Article Text


Proteolysis in human breast cancer
  1. E A Garbett1,
  2. M W R Reed2,
  3. T J Stephenson3,
  4. N J Brown4
  1. 1Professorial Unit of Surgery, North Tees General Hospital, Stockton on Tees, TS19 8PE, UK
  2. 2Department of Surgery, Central Sheffield University Hospitals, Sheffield S10 2JF, UK
  3. 3Department of Histopathology, Central Sheffield University Hospitals, Sheffield, UK
  4. 4Department of Surgical and Anaesthetic Sciences, University of Sheffield, Sheffield, UK
  1. Dr Garbett email: drlizbaker{at}


Background—The process of proteolysis is important at several stages of the metastatic cascade. A balance between the expression of the genes encoding endogenous proteinases and inhibitors exists and when the production of proteinases exceeds that of inhibitors proteolysis occurs.

Aims—To determine whether differences in the profile and activity of proteinases and inhibitors exist within breast tumour tissue (n = 51), surrounding background breast tissue (n = 43), normal breast tissue from breast reduction mammoplasty operations (n = 10), and cells of the breast cancer cell line, MCF-7.

Methods—Proteinase (matrix metalloproteinase 1 (MMP-1), MMP-2, MMP-3, MMP-9, urokinase-type plasminogen activator (uPA), and tissue-type PA (tPA)) and inhibitor (tissue inhibitor of metalloproteinases; TIMP-1 and TIMP-2) expression and proteinase activity were compared using substrate zymography, western blotting, immunohistochemistry, and quenched fluorescent substrate hydrolysis.

Results—The presence of all proteinases and inhibitors was greater in breast tumour tissue when compared with all other types of breast tissue (p < 0.05). The activity of total MMPs as determined by quenched fluorescent substrate hydrolysis was also greater in breast tumours (p < 0.05).

Conclusion—There is increased proteolysis in human breast tumours when compared with other breast tissues.

Statistics from

Breast cancer is the most common cancer in women; it affects one in 12 women and over 15 000 women die from breast cancer in the UK each year. Tumour invasion and metastasis formation are the primary causes of cancer treatment failure and death.1 The process of metastasis is a complex cascade of organised, sequential, interrelated steps, including angiogenesis, local invasion, intravasation, and extravasation,1 many of which require active degradation of the host tissue by proteolytic enzymes. The synthesis, secretion, and catalytic activity of proteinases appears to be tightly regulated and most are secreted as inactive zymogens.2 Highly potent natural proteinase inhibitors also exist, which limit the duration of active proteolysis. Under physiological conditions, the balance between proteolytic degradation and the regulatory inhibition of proteolysis controls normal proteolytic events—for example, tissue remodelling and wound healing. In these situations, only selective enzymes, or a cascade of functionally related proteinases, are produced in response to the signal. However, in certain pathological processes, including cancer, the balance between negative regulation and active proteolysis is disrupted so that proteolysis is no longer constrained.2,3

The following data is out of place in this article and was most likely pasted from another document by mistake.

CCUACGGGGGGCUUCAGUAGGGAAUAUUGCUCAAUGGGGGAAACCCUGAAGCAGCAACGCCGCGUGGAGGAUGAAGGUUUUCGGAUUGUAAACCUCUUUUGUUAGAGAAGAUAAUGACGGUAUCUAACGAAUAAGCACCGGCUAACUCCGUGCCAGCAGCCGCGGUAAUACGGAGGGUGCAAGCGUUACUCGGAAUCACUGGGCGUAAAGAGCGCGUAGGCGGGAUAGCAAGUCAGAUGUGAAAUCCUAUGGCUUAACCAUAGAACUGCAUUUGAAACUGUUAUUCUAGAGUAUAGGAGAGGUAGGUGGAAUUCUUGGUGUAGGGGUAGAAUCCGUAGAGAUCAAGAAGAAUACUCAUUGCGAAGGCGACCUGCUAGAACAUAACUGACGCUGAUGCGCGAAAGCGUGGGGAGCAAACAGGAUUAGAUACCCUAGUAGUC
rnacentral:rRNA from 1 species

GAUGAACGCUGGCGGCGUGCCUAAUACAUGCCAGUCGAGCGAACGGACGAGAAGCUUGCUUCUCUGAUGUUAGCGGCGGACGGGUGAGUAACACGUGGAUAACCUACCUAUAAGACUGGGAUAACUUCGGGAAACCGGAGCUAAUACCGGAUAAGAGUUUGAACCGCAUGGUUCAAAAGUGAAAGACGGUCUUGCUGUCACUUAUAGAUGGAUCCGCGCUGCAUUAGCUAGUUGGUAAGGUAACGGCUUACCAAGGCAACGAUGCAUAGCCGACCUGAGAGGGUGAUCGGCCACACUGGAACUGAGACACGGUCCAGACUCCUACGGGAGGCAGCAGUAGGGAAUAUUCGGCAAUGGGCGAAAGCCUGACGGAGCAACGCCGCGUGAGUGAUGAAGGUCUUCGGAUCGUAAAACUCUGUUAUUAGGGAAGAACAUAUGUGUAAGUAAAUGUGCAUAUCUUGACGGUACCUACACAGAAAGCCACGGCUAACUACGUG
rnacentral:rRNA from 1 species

At least four classes of proteinases exist and they are most frequently classified according to their catalytic type.4 These are the matrix metalloproteinases (MMPs or matrixins), and the serine, aspartic, and cysteine proteinases.5 The coordinated and synergistic action of these four classes of proteinases can completely degrade all extracellular matrix (ECM) components.3

Of these four classes, the matrix metalloproteinases and the serine proteinase, urokinase-type plasminogen activator (uPA), are most extensively linked to cancer invasion and metastasis. Both the role of the MMP and PA systems in cancer and metastasis and their regulation of these processes have been reviewed previously.5–8

Proteinase expression has been studied extensively in many different human cancers, including breast cancer; however, most of these studies tend to use individual techniques to determine the synthesis of proteinases and/or inhibitors. Previous studies in breast cancer have used zymography,9–11 enzyme linked immunosorbent assays (ELISAs),9,12,13 immunohistochemistry,3,14,15 and northern blot analysis,16 and have demonstrated the presence of a spectrum of proteinases and inhibitors.

We used a variety of techniques to compare proteinase (MMPs and PAs) and inhibitor (tissue inhibitor of metalloproteinases 1 (TIMP-1) and TIMP-2) expression and proteinase activity between breast tumour tissue and the corresponding background breast tissue from patients undergoing surgical resection for breast cancer, normal tissue from breast reduction mammoplasty operations, and cells of the breast cancer cell line, MCF-7. We used four techniques—substrate zymography, western blotting, immunohistochemistry, and quenched fluorescent substrate hydrolysis—to determine the presence and cellular location of proteinases and inhibitors, in addition to the overall MMP activity in the same samples.